There is a tension between multiethnic cohesion and the imperatives of the winner-takes-all electoral system we have embraced. That tension is being played out in the current political impasse. Some people have invoked the absoluteness of the electoral system as laid out by the constitution. They argue that consideration of any other construct must come after an outcome of the winner-takes-all election. On the other hand, it is argued that the very fact that after four months the winner-takes-all election has not thrown up a declared winner, points to its inadequacy in meeting the democratic needs of the country.
Those of us who advocate for a power sharing executive as a solution to the impasse do so out of concern for the stability of the country. It is by no means a disregard for democracy. In fact, it is meant in the final analysis to strengthen democracy. It, of course, responds to a broader form of democracy that goes beyond the formal simple majoritarian democracy under which the election was contested.
That reasonable proposition is seen as anti-democratic and is framed as a move to deny victory to those who have claimed it for their respective parties. Yet, despite those claims, after 19 weeks we are still to have a declaration of the winner. Whatever the reasons advanced by both sides for the delay, the fact is that the formal system has not thrown up a declared winner. Whether we do so now or next year, we must at some point accept that something is wrong with our system of choosing a government.
From my standpoint we must begin with a critique and abolishment of the winner-take-all system. The implicit embrace of potential and actual one-party dominance encourages a zero-sum competition which in turn leads to the electoral gridlock we are currently experiencing. But the lure of absolute power makes it exceedingly difficult for our leaders and their followers to even begin to consider an alternative form of contestation and governance. This explains the six decades of debate of power sharing without any actual positive outcomes.
This inability to move beyond winner-takes-all is further fuelled by the unreasonable advocacy by some that racial sentiments are akin to false consciousness. They reason that people vote along racial lines because they are encouraged to do so by racists and by the major parties. There is also the new narrative that there is no need for power sharing since there is no longer a majority ethnic group. This means that we can have frequent turnover of governments, thus bringing us to the end of race in Guyana. In this post-racial Guyana, the insecurities and fears of the ethnic groups will evaporate, and Guyana would achieve its aspiration of one people, one nation, one destiny.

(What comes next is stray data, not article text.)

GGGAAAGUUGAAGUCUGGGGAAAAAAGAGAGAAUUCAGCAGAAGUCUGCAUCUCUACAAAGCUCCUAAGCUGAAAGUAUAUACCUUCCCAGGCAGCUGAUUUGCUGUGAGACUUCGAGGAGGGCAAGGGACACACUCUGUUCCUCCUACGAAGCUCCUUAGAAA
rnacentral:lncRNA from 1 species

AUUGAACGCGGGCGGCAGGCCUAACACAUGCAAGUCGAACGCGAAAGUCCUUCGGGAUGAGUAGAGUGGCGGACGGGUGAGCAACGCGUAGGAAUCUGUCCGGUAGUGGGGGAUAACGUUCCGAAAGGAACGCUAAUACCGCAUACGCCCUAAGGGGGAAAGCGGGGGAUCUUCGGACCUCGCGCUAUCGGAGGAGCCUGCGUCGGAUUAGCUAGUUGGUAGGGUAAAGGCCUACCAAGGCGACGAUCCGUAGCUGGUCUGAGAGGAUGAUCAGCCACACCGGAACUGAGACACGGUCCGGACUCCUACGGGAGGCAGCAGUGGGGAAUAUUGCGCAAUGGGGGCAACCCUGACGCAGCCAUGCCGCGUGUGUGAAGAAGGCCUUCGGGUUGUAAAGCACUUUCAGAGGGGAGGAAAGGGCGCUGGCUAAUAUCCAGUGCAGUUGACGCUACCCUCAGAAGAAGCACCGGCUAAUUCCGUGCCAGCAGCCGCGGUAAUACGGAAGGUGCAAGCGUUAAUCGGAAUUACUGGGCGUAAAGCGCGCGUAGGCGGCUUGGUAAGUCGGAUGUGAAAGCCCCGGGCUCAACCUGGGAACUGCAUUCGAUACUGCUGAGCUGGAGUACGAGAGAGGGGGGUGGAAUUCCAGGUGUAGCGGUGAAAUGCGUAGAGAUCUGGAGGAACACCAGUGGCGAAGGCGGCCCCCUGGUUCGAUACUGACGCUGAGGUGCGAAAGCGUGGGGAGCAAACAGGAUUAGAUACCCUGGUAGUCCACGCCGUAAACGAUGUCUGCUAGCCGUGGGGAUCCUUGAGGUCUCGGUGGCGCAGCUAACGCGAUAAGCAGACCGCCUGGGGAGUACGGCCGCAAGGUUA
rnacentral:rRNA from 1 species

I am not so optimistic that there is a causal relationship between the decline of a majority group and the death of racial elections. In fact, I believe the situation would be hardened as the 2020 election is teaching us. It is for that reason that I believe that power sharing is a superior option to one-party governance and could get us out of the current impasse.
(The views expressed in this article are those of the author and do not necessarily reflect the opinions of this newspaper.)
More of Dr. Hinds’ writings and commentaries can be found on his YouTube Channel Hinds’ Sight: Dr. David Hinds’ Guyana-Caribbean Politics and on his website www.guyanacaribbeanpolitics.news. Send comments to [email protected]
Aug 11, 2020The Americas Board was informed about the decisions of the FIBA Executive Committee regarding the FIBA Calendar for World and Senior Continental Competitions in case the November window of the...
Aug 11, 2020
Aug 10, 2020
Aug 09, 2020
Aug 09, 2020
Aug 08, 2020
Clement Rohee has a letter in the August 1, edition newspapers. When you read it, you cannot help but think that Rohee is... more
Freedom of speech is our core value at Kaieteur News. If the letter/e-mail you sent was not published, and you believe that its contents were not libellous, let us know, please contact us by phone or email.
Feel free to send us your comments and/or criticisms.
Contact: 624-6456; 225-8452; 225-8458; 225-8463; 225-8465; 225-8473 or 225-8491.
Or by Email: [email protected] / [email protected]